Showing posts with label Survival. Show all posts
Showing posts with label Survival. Show all posts

Dec 12, 2013

I don't think I could get this one by the TSA metal detector.

It's in fair condition, speaking generously, because someone was more in love with his six-inch 3400  rpm coarse grinding wheel than he was with this old veteran. You can't quite call it "poor" because it still has the skinny saw blade. True, Barney ground the teeth off when he finished worrying the big blade,  but judging from the ones for sale online, a fair number of them are missing the saw blade entirely.

I'm not always too fussy about the condition of my World War Two relics, and for the $6 bid which earned this one, I'm not fussy at all. That cheap, it could pay for itself as a spare canoe anchor. Big fella, sometimes called the "giant jack knife" by the pilots who carried it. It must weigh better than a pound and measures six inches closed and 15 1/2 with both blades open.

It was one of the solutions to the survival knife problem late in the war. Colonial developed it . This one was made by United Tool Co. in Grand Rapids, Michigan.

A fellow over on the knife forum seems to have all the other information you're likely to want.

Excuse me. I must retire to my dressing room and pare my nails.

Feb 10, 2013

Storm Nemo and the Runway Set

A diminutive and lovely American woman in a smart Connecticut home sat out Nemo with her elderly parents. Among other things she waded through deep snow to find and clear furnace vents; she used a pole to shake snow from her service electrical lines and nearby trees.

I wasn't there, more's the pity, but there's no doubt in my mind that she needed no last-minute dash for milk and toilet paper, meaning she was no candidate for a dramatic feature story on the horrors of being  suddenly trapped in her car in a storm well-advertised for days.

With preparations made and immediately necessary actions taken, she seemed to  enjoy her little break from the outside world, laughing and joking her way through white Armageddon, warm, secure, properly fed and I confidently guess, properly wined. After all, she bears an honest Irish surname.

Meanwhile, a million less sentient northeasterners suffered --  out of Perrier, down to the last pound of lox, the electric teevee won't work, that sort of deprivation. Never mind the frantically punched wireless devices seeking word on how much they might get from FEMA as a result of living in a place where it snowed.

Still,  the Irish girl and her like represent a useful cadre of citizens, people with at least a modest ability to see more than two commercials ahead and plan for survival in comfort when nature does what it routinely does.  Their existence suggests a remaining hope for America, even in the age of Mommy Dotguv on whom all  happiness depends. (Please, Your Ineptness, make the Republicans stop causing blizzards.)  It is a cozy thought, so you shouldn't screw it up by reading the news.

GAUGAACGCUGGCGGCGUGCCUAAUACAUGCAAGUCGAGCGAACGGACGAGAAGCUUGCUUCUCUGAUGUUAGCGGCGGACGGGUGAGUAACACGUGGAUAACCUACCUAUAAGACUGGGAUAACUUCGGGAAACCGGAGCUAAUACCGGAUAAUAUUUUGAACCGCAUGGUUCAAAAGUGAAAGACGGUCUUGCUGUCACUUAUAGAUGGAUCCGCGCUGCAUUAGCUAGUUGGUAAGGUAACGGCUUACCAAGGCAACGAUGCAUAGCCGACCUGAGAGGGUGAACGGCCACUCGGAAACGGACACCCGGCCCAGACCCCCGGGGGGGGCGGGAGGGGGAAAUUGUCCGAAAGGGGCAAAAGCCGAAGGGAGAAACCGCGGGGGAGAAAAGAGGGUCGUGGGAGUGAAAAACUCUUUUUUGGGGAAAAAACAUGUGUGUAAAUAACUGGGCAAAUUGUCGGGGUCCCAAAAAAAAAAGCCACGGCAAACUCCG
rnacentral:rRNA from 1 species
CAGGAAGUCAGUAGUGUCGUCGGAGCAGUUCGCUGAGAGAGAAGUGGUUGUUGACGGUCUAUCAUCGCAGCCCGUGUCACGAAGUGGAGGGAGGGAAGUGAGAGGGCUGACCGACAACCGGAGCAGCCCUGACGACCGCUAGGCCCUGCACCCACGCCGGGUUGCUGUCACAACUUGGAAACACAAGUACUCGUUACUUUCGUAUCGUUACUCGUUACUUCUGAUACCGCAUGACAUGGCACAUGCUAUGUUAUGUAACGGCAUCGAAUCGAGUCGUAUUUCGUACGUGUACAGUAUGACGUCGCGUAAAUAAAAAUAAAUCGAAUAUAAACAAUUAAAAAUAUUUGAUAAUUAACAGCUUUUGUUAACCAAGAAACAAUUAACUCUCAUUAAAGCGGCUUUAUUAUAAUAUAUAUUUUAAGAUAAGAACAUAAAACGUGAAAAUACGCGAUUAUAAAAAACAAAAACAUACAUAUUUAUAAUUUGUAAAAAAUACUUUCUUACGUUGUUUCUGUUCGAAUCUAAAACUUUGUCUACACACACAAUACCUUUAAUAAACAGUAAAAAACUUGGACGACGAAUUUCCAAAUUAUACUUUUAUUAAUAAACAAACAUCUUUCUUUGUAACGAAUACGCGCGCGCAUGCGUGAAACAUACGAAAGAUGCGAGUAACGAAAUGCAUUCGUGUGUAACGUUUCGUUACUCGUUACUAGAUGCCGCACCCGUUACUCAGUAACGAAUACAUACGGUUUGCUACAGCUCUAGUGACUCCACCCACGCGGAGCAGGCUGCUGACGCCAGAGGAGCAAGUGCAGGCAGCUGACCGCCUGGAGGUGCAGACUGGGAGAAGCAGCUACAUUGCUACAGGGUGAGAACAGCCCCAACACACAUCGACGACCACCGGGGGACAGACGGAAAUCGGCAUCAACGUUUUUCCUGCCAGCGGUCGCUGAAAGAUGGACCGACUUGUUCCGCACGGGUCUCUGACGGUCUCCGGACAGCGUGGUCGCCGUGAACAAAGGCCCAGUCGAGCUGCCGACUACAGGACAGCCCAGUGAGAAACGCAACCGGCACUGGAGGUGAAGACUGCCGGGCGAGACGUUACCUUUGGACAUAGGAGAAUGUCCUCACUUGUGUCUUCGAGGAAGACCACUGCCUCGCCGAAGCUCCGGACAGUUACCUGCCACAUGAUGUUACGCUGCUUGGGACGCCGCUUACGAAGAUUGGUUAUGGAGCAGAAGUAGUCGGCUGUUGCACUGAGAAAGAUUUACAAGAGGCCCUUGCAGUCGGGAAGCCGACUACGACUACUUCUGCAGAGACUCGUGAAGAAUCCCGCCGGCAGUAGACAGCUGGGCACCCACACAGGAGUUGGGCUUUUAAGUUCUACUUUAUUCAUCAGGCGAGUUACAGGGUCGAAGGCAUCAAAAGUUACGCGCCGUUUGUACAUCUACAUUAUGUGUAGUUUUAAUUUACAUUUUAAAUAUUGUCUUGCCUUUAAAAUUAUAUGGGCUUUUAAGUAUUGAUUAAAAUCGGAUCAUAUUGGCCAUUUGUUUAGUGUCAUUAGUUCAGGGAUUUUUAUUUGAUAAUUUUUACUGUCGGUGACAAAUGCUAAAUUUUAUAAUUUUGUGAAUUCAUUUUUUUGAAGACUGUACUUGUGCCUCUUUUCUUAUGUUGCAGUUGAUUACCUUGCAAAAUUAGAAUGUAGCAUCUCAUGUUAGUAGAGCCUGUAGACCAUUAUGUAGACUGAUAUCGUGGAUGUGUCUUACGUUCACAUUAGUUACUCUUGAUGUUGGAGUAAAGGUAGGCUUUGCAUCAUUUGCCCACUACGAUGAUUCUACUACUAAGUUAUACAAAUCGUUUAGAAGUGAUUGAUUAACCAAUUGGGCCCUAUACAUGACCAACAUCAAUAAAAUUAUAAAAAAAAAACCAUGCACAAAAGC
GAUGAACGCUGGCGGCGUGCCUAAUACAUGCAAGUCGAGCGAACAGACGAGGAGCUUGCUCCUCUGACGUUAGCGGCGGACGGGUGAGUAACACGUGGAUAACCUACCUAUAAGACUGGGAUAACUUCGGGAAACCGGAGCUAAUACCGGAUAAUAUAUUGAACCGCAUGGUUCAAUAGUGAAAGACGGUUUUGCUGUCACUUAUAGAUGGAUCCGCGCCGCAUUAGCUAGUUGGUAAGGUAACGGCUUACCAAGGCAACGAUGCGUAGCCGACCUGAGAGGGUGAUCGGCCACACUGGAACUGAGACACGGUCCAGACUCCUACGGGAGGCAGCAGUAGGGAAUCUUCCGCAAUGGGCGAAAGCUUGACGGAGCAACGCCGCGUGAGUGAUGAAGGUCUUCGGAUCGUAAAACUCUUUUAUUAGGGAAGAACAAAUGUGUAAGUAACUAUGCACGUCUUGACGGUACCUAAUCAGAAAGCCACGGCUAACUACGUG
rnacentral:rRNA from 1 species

At New York's Fashion Week, women tottered on 4-inch heels through the snow to get to the tents to see designers' newest collections.

Nov 9, 2012

Prepping for a Sandy

There's nothing contrived for a  photograph here. That's where and how the lanterns and the atlas live. It's a corner of the big, libertarian bay window installed some years ago.

( Libertarian" in the sense that the project required, but was built without, a permission slip from the Regulators of the village of Smugleye-on-Lake. The sheriff has not been around with a warrant yet, illustrating that you sometimes get away with egregious anti-social behavior.  Part of the secret is just doing it while keeping your mouth shut until the statute of limitations runs out.)

Our power grid is quite dependable out here, even in the land of the tornado and the fierce blizzard. But sometimes the lights do go out, and when that happens at night I am in Room 101. The Worst Thing in the World is boredom.

Here in just a couple of square feet is an escape, illumination and information.

It isn't everything a fellow needs for survival, just a start. But, funny, it just seems to lead to other units of self-sufficiency. A few more lanterns, several feet of books, candles, LED flashlights, stashed lentils, rice, canned food, and so forth.

I tend to identify this attitude as "country," but I'm probably wrong. Even in Manhattan, Hoboken, there must be thousands of citizens of common sense and the ability to think ahead. We're led to an opposite view largely by the electric television industry which finds it more dramatic, and hence better for the Neilsons, to point their cameras exclusively at the bleaters.

"Don't nobody come to help me yet. Whattem I gonna do?"

I dunno  for sure. I suppose you could try hanging another picture of President Obama or Governor Chris your wall.

Sep 16, 2012

The Sunday Slasher

The very bright lad has some prepper tendencies. In the course of studying one "survival expert" he was persuaded to buy a Mora, hawked as the "best survival knife." A few weeks passed and he found eye and spirit offended by the garish plastic handle and the space-age polymer sheath. He wondered if Gramps might find time to reduce the ugliness. Sure. 

About 90 per cent complete, reflecting the notion that a blade is worth little if it can't be controlled, hence the outsize grip with admittedly unattractive palm swells. Looks bad, feels good.

This is the first experiment with a steel butt plate in the Shops of Camp J (tm). The  thinking is that a "survival" knife may be called on to function as a  crude hammer. 

And since we have a butt plate, why not use it to retain four wax-dipped  matches, virtually weightless and out of mind until a fire becomes crucial when all easier possibilites are absent?